(10) GR: Are there any characters or scenes in the novel you draw from your own personal life and experiences?

KAN: Awo Yaa Akoto is the only character I drew from personal life. She lived next to our house. Awo was a disciplinarian who made it her business to ensure that all the children in the Amanfrom borough were disciplined. The palace, the stool house, the sacred forest, the Church and the mission house are all scenes that existed before I was born and they still exist.


(11) GR: The theme of the Christian – Traditional conflict is at the very core of the novel. Can you elucidate further what this whole conflict is about? Do you really think there is a conflict between these two religions at all?

KAN: The Christian-Traditional conflict dates back in the colonial times when the white man tried to impose his religion on the Africans who had their own traditional deities. The 2nd paragraph of Chapter 2 reads:

“ …They were united in a common cultural heritage until the Catholic missionaries arrived. When the missionaries established a school and a church,…the Christian converts began to condemn Ancestral worship and called on the village chief to abolish it, and that started the conflict between the traditionalists and the converts.”

Yes, there is a conflict, but not as predominant as it was in the colonial era. What is happening now is a silent take over of some traditional events by the Church. Traditional marriage ceremony has now changed to engagement. Child naming has been moved from the family house to the Church. Puberty rituals are now a thing of the past, thanks to the Church, and the result is the rampant teenage pregnancy. Yes the Christian–Traditional conflict is there and it will continue to be there as long as the Christians continue to condemn custom, culture and tradition.


(12) GR: Was it appropriate for the village of Asana to have defended and protected their traditional beliefs as against that of the Christian Church?

KAN: It was highly appropriate. No sane group of people would sit idly by for a stranger to invade their premises and force them to reject the custom, culture and tradition they had known all their lives and embrace what the stranger had brought.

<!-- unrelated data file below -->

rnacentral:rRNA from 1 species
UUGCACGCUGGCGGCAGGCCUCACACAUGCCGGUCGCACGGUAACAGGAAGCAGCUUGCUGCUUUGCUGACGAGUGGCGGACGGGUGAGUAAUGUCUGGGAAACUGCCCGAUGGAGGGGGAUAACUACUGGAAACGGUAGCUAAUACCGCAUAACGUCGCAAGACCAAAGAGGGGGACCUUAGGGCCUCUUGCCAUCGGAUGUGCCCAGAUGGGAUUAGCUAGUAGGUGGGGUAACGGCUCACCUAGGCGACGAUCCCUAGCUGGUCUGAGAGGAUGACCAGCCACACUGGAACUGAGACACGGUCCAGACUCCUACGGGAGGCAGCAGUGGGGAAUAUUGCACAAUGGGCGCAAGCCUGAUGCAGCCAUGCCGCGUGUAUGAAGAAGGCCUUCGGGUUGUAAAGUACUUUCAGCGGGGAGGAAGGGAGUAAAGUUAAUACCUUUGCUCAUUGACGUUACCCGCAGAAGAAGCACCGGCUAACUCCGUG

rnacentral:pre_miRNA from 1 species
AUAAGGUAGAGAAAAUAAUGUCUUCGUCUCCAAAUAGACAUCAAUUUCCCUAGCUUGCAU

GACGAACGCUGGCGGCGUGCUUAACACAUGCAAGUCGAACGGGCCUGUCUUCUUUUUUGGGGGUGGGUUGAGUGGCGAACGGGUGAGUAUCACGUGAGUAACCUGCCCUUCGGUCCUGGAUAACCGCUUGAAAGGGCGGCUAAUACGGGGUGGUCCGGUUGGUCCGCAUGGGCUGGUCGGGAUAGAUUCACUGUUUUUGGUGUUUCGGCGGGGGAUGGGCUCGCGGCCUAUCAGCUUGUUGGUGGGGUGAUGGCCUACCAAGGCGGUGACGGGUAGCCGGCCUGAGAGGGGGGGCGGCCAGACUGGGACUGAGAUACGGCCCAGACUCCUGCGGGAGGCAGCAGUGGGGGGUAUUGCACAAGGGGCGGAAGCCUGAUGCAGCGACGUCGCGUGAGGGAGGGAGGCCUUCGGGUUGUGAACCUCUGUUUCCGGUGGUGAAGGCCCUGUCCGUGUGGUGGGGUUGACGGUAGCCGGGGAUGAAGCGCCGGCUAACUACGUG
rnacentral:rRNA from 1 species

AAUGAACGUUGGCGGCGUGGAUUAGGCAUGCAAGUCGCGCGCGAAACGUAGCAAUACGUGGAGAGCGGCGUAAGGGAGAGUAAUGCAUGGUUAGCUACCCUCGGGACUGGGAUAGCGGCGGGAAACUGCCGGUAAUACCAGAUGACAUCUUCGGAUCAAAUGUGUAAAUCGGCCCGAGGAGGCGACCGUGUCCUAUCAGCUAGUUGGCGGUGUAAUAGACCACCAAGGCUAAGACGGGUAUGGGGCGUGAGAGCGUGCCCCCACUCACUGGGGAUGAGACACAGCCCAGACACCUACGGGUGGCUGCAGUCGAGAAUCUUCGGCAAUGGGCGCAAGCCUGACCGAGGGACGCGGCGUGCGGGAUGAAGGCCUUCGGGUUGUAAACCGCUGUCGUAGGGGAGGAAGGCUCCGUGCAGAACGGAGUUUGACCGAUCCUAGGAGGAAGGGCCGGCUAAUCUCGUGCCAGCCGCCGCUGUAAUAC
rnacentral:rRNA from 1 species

(13) GR:  Who was this book intended for? Did you have any target audience at the time of writing?

KAN: No, I did not have any special audience in mind. It was meant for general readership. Little did I envisage that it would become a literature material for Senior High Schools in Ghana.


(14) GR: In recent times in Ghana, many have called for the abolishment of Chieftaincy systems. But the village of Asana had well-organized systems with their chiefs and elders who ruled the village. What is your take on Chieftaincy systems in Ghana?

KAN: Those who are of the view that the Chieftaincy institution in Ghana must be abolished are seriously out of touch with reality. In question 11, I mentioned some of the traditional events that have been taken over by the Church. Chieftaincy is probably the one institution the colonial masters tried to abolish but failed. It is the only institution that binds us together in a common cultural heritage. Had it not been the Chief and his able Council of Elders, the people of Asana could never have been able to resist the attempt by the Christian converts to have Ancestral worship abolished. The Chieftaincy institution is the pivot of our cultural heritage and must be held in high esteem rather being undermined or abolished.


(15) GR: What informed the setting of the novel? Was it as a result of the fact that it was your hometown?

KAN: Probably so because it’s easier to describe something you know much about with a higher degree of precision than something you are not familiar with.


(16) GR: Almost all upcoming writers are delighted to know how successful writers like you get published. If I may ask, how did you get published?

KAN:  The easiest way for upcoming writers to get published is to present a unique manuscript. My first book: The Torch: English Composition got published in 1978 on first submission because it was unique. It was unique in the sense that it was the first Composition book in Ghana to give guidelines on selected topics. All Composition books on the market at the time were titled Model Composition. The writers answered all the topics with their own English. So the Students’ only choice was to commit the composition into memory.

I felt this approach was not only wrong, but also a great disservice to the students so I decided to do something about it. Within six months I was able to come up with the first Composition textbook in Ghana to offer guide lines in form of questions, suggestions and prompt-notes.